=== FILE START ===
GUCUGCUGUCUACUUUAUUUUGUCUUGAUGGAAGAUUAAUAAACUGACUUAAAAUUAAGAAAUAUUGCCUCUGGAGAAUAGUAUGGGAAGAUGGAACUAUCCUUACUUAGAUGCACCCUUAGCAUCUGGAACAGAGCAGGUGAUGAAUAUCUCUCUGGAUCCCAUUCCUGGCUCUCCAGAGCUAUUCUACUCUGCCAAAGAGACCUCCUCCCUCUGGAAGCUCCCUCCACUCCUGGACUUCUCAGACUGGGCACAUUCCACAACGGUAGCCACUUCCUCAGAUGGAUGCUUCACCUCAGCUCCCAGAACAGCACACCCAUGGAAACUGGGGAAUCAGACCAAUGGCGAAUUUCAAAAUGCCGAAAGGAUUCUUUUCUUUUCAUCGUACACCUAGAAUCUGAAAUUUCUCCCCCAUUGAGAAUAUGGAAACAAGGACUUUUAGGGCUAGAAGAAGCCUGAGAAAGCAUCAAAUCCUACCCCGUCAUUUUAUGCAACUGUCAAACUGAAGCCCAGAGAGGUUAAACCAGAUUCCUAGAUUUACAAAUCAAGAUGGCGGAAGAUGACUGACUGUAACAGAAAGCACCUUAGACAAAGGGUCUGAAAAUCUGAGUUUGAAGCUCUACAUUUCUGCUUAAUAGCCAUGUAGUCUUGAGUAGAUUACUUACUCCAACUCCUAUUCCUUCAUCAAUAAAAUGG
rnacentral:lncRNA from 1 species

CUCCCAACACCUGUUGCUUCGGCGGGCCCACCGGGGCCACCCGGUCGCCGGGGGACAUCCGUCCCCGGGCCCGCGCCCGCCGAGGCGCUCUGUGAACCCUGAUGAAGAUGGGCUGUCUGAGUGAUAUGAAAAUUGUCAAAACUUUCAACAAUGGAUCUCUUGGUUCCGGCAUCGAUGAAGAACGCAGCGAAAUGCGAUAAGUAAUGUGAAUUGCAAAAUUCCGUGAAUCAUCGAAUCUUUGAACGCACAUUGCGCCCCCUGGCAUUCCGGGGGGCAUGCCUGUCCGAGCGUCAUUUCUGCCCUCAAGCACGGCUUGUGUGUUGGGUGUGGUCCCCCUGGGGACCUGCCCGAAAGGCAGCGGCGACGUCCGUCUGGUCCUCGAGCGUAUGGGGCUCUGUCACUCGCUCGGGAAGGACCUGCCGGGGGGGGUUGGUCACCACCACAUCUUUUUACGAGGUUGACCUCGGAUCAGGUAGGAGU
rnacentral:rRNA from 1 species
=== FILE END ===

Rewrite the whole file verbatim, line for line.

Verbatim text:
GUCUGCUGUCUACUUUAUUUUGUCUUGAUGGAAGAUUAAUAAACUGACUUAAAAUUAAGAAAUAUUGCCUCUGGAGAAUAGUAUGGGAAGAUGGAACUAUCCUUACUUAGAUGCACCCUUAGCAUCUGGAACAGAGCAGGUGAUGAAUAUCUCUCUGGAUCCCAUUCCUGGCUCUCCAGAGCUAUUCUACUCUGCCAAAGAGACCUCCUCCCUCUGGAAGCUCCCUCCACUCCUGGACUUCUCAGACUGGGCACAUUCCACAACGGUAGCCACUUCCUCAGAUGGAUGCUUCACCUCAGCUCCCAGAACAGCACACCCAUGGAAACUGGGGAAUCAGACCAAUGGCGAAUUUCAAAAUGCCGAAAGGAUUCUUUUCUUUUCAUCGUACACCUAGAAUCUGAAAUUUCUCCCCCAUUGAGAAUAUGGAAACAAGGACUUUUAGGGCUAGAAGAAGCCUGAGAAAGCAUCAAAUCCUACCCCGUCAUUUUAUGCAACUGUCAAACUGAAGCCCAGAGAGGUUAAACCAGAUUCCUAGAUUUACAAAUCAAGAUGGCGGAAGAUGACUGACUGUAACAGAAAGCACCUUAGACAAAGGGUCUGAAAAUCUGAGUUUGAAGCUCUACAUUUCUGCUUAAUAGCCAUGUAGUCUUGAGUAGAUUACUUACUCCAACUCCUAUUCCUUCAUCAAUAAAAUGG
rnacentral:lncRNA from 1 species

CUCCCAACACCUGUUGCUUCGGCGGGCCCACCGGGGCCACCCGGUCGCCGGGGGACAUCCGUCCCCGGGCCCGCGCCCGCCGAGGCGCUCUGUGAACCCUGAUGAAGAUGGGCUGUCUGAGUGAUAUGAAAAUUGUCAAAACUUUCAACAAUGGAUCUCUUGGUUCCGGCAUCGAUGAAGAACGCAGCGAAAUGCGAUAAGUAAUGUGAAUUGCAAAAUUCCGUGAAUCAUCGAAUCUUUGAACGCACAUUGCGCCCCCUGGCAUUCCGGGGGGCAUGCCUGUCCGAGCGUCAUUUCUGCCCUCAAGCACGGCUUGUGUGUUGGGUGUGGUCCCCCUGGGGACCUGCCCGAAAGGCAGCGGCGACGUCCGUCUGGUCCUCGAGCGUAUGGGGCUCUGUCACUCGCUCGGGAAGGACCUGCCGGGGGGGGUUGGUCACCACCACAUCUUUUUACGAGGUUGACCUCGGAUCAGGUAGGAGU
rnacentral:rRNA from 1 species